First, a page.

UF Law students write law school transfer book
As first-year law students at Florida A&M Law School, Seth Haimovitch and friend Andrew Carrabis were looking to transfer to a higher-ranked school. As Haimovitch did before applying to law school, he looked for a book for guidance on transferring.
“I wanted to read a book, so I typed into Yahoo ‘law school transfer books,’ and nothing came up. I said, ‘Wow.’”
So Haimovitch, now a 3L at UF Law, decided to write the first one. He teamed up with Carrabis, also a UF 3L, to write The Art of the Law School Transfer, which is set to publish Oct. 15.
Haimovitch and Carrabis found very little information anywhere about transferring law schools for many reasons.
“Schools don’t want to lose their best students so they’re not going to give advice on how you can leave their school,” Haimovitch said. “Especially if you’re transferring from a tier four school, no one is really transferring into a tier four school, so you have no one at the school to talk to about how to do this. There was no medium to act as a big brother.”
Both Haimovitch and Carrabis went to Florida A&M with the intent to graduate from another school. Carrabis had done a lot of online research about transferring and knew plenty about the process. After Haimovitch received high marks in his first semester, Carrabis started to talk to Haimovitch more about their transfer plans.
“I went into law school at Florida A&M knowing that I wanted to transfer out and I think Seth had the same idea,” Carrabis said. “The only difference between me and him was I was more into the online searches and knowing which schools did the early transfers.”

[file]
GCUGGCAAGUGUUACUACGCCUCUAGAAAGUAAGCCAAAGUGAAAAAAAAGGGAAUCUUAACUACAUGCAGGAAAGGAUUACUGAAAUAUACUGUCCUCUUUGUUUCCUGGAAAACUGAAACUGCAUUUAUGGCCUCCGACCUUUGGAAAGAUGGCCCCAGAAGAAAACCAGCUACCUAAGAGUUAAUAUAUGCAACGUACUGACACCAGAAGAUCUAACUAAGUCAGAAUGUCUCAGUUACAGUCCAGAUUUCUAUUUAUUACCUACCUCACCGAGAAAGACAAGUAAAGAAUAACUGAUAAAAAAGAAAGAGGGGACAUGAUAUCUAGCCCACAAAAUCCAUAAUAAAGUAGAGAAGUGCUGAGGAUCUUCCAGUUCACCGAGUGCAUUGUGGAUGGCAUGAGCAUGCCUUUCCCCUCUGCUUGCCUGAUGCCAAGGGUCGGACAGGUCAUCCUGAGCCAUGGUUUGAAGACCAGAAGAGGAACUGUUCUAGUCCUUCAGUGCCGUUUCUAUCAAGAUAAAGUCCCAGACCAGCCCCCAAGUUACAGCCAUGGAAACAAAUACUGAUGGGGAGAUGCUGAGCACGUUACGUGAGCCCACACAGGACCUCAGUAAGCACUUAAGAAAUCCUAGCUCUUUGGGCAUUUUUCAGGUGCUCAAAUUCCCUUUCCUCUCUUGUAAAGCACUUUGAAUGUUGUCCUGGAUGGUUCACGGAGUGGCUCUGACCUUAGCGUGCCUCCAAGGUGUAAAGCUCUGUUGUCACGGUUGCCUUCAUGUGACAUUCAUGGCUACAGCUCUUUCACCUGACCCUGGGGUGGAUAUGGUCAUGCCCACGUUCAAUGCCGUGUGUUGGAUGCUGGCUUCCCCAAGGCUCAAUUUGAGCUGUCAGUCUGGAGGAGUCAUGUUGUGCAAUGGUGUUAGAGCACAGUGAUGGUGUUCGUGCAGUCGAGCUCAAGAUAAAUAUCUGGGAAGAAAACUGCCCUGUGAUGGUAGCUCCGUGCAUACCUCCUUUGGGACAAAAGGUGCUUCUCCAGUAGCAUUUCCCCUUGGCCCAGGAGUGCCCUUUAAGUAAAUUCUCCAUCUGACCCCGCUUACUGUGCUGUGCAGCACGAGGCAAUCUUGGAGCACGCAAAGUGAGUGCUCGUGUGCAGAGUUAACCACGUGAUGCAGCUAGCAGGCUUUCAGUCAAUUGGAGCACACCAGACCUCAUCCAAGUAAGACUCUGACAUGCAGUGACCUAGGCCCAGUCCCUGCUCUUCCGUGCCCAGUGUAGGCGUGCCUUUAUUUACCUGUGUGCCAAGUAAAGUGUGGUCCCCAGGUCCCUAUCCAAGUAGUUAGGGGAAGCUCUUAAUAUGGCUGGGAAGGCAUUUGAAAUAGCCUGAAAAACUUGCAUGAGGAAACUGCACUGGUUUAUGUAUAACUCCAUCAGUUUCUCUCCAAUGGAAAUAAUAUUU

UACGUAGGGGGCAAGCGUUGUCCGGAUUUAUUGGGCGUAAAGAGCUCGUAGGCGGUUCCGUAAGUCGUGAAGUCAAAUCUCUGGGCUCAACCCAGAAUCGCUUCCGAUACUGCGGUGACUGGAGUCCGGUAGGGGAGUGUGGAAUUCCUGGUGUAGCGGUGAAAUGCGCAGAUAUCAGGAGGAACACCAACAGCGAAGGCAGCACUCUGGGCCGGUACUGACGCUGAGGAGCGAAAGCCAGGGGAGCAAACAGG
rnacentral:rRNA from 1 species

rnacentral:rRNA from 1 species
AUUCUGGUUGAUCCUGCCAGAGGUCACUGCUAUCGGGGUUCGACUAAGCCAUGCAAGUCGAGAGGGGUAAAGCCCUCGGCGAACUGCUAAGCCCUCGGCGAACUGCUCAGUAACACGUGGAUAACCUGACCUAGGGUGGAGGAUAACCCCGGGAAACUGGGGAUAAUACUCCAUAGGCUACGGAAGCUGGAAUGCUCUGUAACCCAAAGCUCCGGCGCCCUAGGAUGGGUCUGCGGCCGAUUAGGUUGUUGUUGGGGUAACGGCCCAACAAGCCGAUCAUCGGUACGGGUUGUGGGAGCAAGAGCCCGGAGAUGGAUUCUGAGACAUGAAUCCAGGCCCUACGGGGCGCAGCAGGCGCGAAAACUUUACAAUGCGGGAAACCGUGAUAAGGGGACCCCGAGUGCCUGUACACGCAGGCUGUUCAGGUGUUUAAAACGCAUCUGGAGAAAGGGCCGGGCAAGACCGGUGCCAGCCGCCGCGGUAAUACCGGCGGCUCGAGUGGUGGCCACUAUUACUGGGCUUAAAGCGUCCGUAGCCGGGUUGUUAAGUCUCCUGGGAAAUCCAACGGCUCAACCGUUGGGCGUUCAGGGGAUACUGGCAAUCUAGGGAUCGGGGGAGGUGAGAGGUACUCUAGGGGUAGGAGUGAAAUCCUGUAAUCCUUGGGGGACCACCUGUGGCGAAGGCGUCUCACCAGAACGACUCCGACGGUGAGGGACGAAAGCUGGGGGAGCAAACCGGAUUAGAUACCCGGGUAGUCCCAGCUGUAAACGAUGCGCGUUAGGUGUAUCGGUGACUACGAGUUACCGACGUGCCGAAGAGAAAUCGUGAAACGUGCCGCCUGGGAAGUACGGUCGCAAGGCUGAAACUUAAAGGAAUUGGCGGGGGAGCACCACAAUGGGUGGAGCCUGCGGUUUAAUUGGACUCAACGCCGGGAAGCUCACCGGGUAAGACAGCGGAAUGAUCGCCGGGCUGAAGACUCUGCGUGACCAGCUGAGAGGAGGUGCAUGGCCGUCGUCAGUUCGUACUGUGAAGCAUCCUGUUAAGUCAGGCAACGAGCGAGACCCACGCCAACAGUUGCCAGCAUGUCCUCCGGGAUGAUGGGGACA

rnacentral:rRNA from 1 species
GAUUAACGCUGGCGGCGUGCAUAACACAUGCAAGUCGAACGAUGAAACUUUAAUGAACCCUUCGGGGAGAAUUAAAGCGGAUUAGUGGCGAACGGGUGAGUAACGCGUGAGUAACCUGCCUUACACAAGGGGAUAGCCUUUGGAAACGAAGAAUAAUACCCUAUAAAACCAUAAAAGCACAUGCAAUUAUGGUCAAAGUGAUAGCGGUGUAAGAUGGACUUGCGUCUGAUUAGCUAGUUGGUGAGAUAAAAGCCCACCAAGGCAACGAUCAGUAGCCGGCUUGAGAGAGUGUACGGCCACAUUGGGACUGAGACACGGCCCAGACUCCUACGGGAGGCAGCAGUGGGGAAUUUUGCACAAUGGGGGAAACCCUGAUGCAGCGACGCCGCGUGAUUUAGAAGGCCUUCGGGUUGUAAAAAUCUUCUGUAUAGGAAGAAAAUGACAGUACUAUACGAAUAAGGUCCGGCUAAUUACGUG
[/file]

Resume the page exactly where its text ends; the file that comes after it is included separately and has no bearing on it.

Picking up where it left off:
Haimovitch also planned to end up at UF Law even after being rejected twice. At UF, Haimovitch was a student senator and graduated with honors with a master’s degree. His LSAT score was the only thing holding him back, he said.
Both Haimovitch and Carrabis played NCAA sports in college. Haimovitch was a member of the UF basketball team from 2001-2004 while Carrabis played NCAA baseball.
Although Haimovitch was planning on transferring to UF Law because of his Gator background, he didn’t know much about the process.
“When I went to FAMU, trying to get back to UF was the plan. I didn’t know how competitive everything was, though,” Haimovitch said.
For the book, Haimovitch and Carrabis spoke to admissions deans of many law schools and got transfer statistics for many schools. The book also contains advice about writing a transfer statement and the overall process of transferring.
“It’s answering a lot of those questions, plus our own experiences,” Haimovitch said. “We didn’t want to make something philosophical and act like we’re academics writing a text book. We kind of just wanted to guide people through the process.”